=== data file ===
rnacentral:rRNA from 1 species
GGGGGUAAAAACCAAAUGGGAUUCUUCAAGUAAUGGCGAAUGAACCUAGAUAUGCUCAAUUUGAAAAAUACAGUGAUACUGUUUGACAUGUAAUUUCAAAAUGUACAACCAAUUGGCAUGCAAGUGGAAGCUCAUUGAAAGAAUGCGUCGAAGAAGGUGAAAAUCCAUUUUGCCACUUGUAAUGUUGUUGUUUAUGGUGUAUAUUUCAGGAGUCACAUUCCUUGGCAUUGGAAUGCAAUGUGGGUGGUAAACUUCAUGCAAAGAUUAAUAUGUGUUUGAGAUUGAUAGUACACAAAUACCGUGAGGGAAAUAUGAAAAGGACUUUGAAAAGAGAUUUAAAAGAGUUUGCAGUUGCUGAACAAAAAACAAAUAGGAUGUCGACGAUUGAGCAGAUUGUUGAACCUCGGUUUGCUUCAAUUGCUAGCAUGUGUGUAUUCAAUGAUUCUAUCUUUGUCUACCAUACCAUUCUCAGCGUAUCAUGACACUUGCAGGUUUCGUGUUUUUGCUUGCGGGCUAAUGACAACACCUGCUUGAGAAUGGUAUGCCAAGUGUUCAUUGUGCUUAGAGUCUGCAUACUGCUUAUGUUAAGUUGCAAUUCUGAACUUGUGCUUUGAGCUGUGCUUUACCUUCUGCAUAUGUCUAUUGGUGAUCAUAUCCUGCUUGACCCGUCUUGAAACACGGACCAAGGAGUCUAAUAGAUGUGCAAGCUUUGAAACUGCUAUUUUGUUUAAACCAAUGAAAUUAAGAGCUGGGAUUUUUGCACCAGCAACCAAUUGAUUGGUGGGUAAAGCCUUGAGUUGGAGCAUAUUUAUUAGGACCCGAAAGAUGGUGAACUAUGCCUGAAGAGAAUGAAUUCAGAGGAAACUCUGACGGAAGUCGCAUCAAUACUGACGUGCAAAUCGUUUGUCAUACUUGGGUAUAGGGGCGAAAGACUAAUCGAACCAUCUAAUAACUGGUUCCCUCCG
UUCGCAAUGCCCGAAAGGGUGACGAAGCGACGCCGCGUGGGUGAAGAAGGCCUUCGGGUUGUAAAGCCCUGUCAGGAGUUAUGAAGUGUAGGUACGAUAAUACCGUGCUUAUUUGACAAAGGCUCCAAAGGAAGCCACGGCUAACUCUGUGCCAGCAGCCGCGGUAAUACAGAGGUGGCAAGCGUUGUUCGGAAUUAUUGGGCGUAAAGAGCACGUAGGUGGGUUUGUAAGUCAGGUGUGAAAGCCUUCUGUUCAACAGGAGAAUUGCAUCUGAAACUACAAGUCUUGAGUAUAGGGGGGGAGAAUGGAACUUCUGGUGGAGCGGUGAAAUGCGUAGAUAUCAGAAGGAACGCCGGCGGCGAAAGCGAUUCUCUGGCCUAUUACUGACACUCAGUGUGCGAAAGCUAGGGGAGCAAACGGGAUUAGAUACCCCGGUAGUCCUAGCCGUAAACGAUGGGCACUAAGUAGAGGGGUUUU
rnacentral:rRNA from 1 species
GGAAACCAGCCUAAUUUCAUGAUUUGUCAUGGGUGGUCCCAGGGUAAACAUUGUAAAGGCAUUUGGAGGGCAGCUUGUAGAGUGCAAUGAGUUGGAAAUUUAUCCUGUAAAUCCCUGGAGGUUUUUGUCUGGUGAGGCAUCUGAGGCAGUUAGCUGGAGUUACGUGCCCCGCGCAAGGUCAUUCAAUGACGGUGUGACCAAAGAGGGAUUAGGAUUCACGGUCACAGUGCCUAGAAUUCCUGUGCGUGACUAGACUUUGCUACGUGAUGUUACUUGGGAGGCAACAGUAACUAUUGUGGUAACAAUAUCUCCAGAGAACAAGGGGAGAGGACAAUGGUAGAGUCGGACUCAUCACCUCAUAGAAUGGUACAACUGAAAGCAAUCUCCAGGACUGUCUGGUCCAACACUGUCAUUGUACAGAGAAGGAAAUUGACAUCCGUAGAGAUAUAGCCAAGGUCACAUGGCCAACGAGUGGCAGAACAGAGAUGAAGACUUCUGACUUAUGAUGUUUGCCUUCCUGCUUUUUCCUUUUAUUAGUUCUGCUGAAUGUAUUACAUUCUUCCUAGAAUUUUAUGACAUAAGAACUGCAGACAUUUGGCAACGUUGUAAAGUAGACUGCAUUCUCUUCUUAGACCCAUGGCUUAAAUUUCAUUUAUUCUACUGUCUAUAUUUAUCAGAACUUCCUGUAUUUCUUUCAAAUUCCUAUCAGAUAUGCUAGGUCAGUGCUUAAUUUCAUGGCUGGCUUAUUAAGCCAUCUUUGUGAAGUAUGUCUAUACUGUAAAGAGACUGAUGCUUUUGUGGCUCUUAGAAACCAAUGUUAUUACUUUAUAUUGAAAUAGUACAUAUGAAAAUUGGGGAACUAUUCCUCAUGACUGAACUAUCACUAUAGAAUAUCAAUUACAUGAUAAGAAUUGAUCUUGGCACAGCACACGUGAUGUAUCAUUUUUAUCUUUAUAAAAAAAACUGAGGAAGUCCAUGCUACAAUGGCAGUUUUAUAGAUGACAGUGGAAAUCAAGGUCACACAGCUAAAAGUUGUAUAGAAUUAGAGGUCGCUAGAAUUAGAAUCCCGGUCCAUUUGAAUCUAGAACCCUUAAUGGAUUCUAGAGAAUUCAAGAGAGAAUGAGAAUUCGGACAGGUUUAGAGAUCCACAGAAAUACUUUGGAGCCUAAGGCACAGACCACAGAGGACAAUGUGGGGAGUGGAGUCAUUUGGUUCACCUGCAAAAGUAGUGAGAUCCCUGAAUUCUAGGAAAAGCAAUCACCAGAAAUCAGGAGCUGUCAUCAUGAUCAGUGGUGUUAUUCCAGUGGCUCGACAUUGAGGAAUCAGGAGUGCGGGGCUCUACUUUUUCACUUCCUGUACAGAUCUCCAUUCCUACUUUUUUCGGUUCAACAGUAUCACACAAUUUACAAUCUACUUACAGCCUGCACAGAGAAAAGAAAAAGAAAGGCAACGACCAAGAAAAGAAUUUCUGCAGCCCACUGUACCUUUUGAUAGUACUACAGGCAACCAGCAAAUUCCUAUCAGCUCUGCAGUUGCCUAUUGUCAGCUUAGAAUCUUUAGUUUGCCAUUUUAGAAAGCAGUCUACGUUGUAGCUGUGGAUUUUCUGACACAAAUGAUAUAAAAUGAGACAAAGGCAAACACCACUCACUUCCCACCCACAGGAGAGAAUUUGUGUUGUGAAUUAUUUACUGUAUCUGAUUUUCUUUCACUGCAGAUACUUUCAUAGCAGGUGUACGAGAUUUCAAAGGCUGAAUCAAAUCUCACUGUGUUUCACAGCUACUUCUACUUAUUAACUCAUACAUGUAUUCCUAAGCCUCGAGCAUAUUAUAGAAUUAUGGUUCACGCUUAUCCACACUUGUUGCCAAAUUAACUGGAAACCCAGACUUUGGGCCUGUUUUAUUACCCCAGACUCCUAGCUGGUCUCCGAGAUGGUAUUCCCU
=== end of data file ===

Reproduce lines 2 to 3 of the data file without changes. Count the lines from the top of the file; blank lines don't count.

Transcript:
GGGGGUAAAAACCAAAUGGGAUUCUUCAAGUAAUGGCGAAUGAACCUAGAUAUGCUCAAUUUGAAAAAUACAGUGAUACUGUUUGACAUGUAAUUUCAAAAUGUACAACCAAUUGGCAUGCAAGUGGAAGCUCAUUGAAAGAAUGCGUCGAAGAAGGUGAAAAUCCAUUUUGCCACUUGUAAUGUUGUUGUUUAUGGUGUAUAUUUCAGGAGUCACAUUCCUUGGCAUUGGAAUGCAAUGUGGGUGGUAAACUUCAUGCAAAGAUUAAUAUGUGUUUGAGAUUGAUAGUACACAAAUACCGUGAGGGAAAUAUGAAAAGGACUUUGAAAAGAGAUUUAAAAGAGUUUGCAGUUGCUGAACAAAAAACAAAUAGGAUGUCGACGAUUGAGCAGAUUGUUGAACCUCGGUUUGCUUCAAUUGCUAGCAUGUGUGUAUUCAAUGAUUCUAUCUUUGUCUACCAUACCAUUCUCAGCGUAUCAUGACACUUGCAGGUUUCGUGUUUUUGCUUGCGGGCUAAUGACAACACCUGCUUGAGAAUGGUAUGCCAAGUGUUCAUUGUGCUUAGAGUCUGCAUACUGCUUAUGUUAAGUUGCAAUUCUGAACUUGUGCUUUGAGCUGUGCUUUACCUUCUGCAUAUGUCUAUUGGUGAUCAUAUCCUGCUUGACCCGUCUUGAAACACGGACCAAGGAGUCUAAUAGAUGUGCAAGCUUUGAAACUGCUAUUUUGUUUAAACCAAUGAAAUUAAGAGCUGGGAUUUUUGCACCAGCAACCAAUUGAUUGGUGGGUAAAGCCUUGAGUUGGAGCAUAUUUAUUAGGACCCGAAAGAUGGUGAACUAUGCCUGAAGAGAAUGAAUUCAGAGGAAACUCUGACGGAAGUCGCAUCAAUACUGACGUGCAAAUCGUUUGUCAUACUUGGGUAUAGGGGCGAAAGACUAAUCGAACCAUCUAAUAACUGGUUCCCUCCG
UUCGCAAUGCCCGAAAGGGUGACGAAGCGACGCCGCGUGGGUGAAGAAGGCCUUCGGGUUGUAAAGCCCUGUCAGGAGUUAUGAAGUGUAGGUACGAUAAUACCGUGCUUAUUUGACAAAGGCUCCAAAGGAAGCCACGGCUAACUCUGUGCCAGCAGCCGCGGUAAUACAGAGGUGGCAAGCGUUGUUCGGAAUUAUUGGGCGUAAAGAGCACGUAGGUGGGUUUGUAAGUCAGGUGUGAAAGCCUUCUGUUCAACAGGAGAAUUGCAUCUGAAACUACAAGUCUUGAGUAUAGGGGGGGAGAAUGGAACUUCUGGUGGAGCGGUGAAAUGCGUAGAUAUCAGAAGGAACGCCGGCGGCGAAAGCGAUUCUCUGGCCUAUUACUGACACUCAGUGUGCGAAAGCUAGGGGAGCAAACGGGAUUAGAUACCCCGGUAGUCCUAGCCGUAAACGAUGGGCACUAAGUAGAGGGGUUUU